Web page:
One of the most inexcusable things about America’s ongoing economic decline by means of free trade is how clear the historical portents are. For example, we are today treading the same path trodden by a nation that Americans know reasonably well: Great Britain. It is easy to forget that until about 1850 Britain, not the U.S., was the world’s leading economic power. But then, of course, they blew it. Though there were many causes of Britain’s decline, free trade was undeniably a major one.
Britain, like the U.S. and every other developed nation, initially rose from agricultural backwardness by way of mercantilism, the opposite of free trade. As late as the beginning of the 19th century, Britain’s average tariff on manufactured goods was roughly 50 percent, the highest of any major nation in Europe. And even after Britain embraced free trade in most goods, it continued to tightly regulate trade in strategic capital goods, such as the machinery for the mass production of textiles, in order to forestall its rivals. Even the famed Adam Smith—who made his living as a customs collector!—was only in favor of free trade after Britain had consolidated its industrial power through protectionism.
Free trade in Britain began in earnest with the repeal of the Corn Laws in 1846, which amounted to free trade in food, Britain’s major import at the time. (“Corn,” in the usage of the day, meant all grains.) The general election of 1852 was taken for a plebiscite on the question, and free trade began inexorably to restructure the British economy from without. Repealing the Corn Laws was a momentous step because this removed the last major constraint on Britain’s transformation, along the lines of its then-comparative advantage in manufacturing, into the world’s first industrial society, where most workers would be factory workers, not farmers: how to feed so many factory workers?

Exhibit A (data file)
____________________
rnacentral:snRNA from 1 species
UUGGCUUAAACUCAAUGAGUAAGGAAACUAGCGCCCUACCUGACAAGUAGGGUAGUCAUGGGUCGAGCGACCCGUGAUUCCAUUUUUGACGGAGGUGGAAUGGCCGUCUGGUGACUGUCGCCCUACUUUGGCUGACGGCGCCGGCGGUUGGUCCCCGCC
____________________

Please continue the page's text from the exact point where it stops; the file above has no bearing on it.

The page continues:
To some extent, the objective of the Corn Laws was simply to feed a bulge in population (almost a tripling in the previous 100 years) on a small island with limited agricultural potential. Competition with the prairies of North America eventually devastated Britain’s old rural economy and the aristocracy that had lived off its agricultural rents, but so committed was Britain to free trade that this price was accepted as in no other nation. Britain’s rulers expected that free trade would result in their country dominating the emerging global industrial economy due to its head start, sidelining its trading partners into agriculture and raw materials. They expected their lead in shipping, technology, scale economies, and financial infrastructure to be self-reinforcing and thus last indefinitely.
If the rest of the world had been content to be played for fools, this strategy might have worked. Instead, it enjoyed a brief window of plausibility in the 1850s and 1860s, which were the zenith of classical liberalism (of which free trade was a part) in Europe generally. Then things started to sour. For one thing, this zenith of free trade coincided with a prolonged Europe-wide depression, which started to lift as protectionism began to take hold. More fundamentally, the British plan for universal free trade stumbled as the United States and the rest of Europe declined to accept their inferior allotted roles in the global trading system.